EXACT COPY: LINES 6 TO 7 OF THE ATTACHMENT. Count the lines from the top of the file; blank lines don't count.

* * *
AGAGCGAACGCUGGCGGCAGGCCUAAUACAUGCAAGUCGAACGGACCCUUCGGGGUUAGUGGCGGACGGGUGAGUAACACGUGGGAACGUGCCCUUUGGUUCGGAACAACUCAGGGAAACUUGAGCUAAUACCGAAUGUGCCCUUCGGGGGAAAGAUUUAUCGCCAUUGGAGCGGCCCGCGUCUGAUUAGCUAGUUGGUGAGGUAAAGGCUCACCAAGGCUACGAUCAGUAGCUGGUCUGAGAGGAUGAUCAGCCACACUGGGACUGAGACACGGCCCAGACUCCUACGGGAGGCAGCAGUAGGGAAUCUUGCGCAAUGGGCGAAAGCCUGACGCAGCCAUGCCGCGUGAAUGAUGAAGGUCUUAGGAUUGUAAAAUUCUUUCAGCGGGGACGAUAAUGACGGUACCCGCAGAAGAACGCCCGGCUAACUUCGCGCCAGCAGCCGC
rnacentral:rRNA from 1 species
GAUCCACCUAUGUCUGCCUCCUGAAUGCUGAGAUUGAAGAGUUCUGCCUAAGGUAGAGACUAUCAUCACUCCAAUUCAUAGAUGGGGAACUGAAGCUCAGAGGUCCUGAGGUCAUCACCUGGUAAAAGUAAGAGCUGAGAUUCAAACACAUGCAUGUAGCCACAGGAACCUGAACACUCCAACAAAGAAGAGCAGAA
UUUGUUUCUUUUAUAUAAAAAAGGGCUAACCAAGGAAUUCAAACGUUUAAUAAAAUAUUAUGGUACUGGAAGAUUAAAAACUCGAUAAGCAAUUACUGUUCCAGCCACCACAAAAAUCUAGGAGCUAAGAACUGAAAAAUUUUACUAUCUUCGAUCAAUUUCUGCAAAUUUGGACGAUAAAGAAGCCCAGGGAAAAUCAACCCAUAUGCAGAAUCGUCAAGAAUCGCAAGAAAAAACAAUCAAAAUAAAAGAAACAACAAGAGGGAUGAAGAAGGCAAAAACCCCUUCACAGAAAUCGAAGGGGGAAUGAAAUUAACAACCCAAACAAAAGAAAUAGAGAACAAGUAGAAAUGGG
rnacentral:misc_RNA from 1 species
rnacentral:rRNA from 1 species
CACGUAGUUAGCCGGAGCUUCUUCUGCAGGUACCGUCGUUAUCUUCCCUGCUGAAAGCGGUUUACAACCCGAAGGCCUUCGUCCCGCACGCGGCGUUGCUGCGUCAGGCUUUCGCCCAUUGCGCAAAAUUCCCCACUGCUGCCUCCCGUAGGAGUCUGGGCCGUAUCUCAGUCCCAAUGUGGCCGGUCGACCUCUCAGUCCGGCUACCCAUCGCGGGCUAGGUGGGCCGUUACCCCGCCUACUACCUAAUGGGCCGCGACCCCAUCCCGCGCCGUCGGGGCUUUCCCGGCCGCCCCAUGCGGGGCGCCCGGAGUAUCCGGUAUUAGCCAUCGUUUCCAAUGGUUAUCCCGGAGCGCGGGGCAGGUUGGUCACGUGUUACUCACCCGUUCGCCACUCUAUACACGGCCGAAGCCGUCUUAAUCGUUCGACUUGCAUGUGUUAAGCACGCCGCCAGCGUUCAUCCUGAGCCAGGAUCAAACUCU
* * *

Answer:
rnacentral:rRNA from 1 species
CACGUAGUUAGCCGGAGCUUCUUCUGCAGGUACCGUCGUUAUCUUCCCUGCUGAAAGCGGUUUACAACCCGAAGGCCUUCGUCCCGCACGCGGCGUUGCUGCGUCAGGCUUUCGCCCAUUGCGCAAAAUUCCCCACUGCUGCCUCCCGUAGGAGUCUGGGCCGUAUCUCAGUCCCAAUGUGGCCGGUCGACCUCUCAGUCCGGCUACCCAUCGCGGGCUAGGUGGGCCGUUACCCCGCCUACUACCUAAUGGGCCGCGACCCCAUCCCGCGCCGUCGGGGCUUUCCCGGCCGCCCCAUGCGGGGCGCCCGGAGUAUCCGGUAUUAGCCAUCGUUUCCAAUGGUUAUCCCGGAGCGCGGGGCAGGUUGGUCACGUGUUACUCACCCGUUCGCCACUCUAUACACGGCCGAAGCCGUCUUAAUCGUUCGACUUGCAUGUGUUAAGCACGCCGCCAGCGUUCAUCCUGAGCCAGGAUCAAACUCU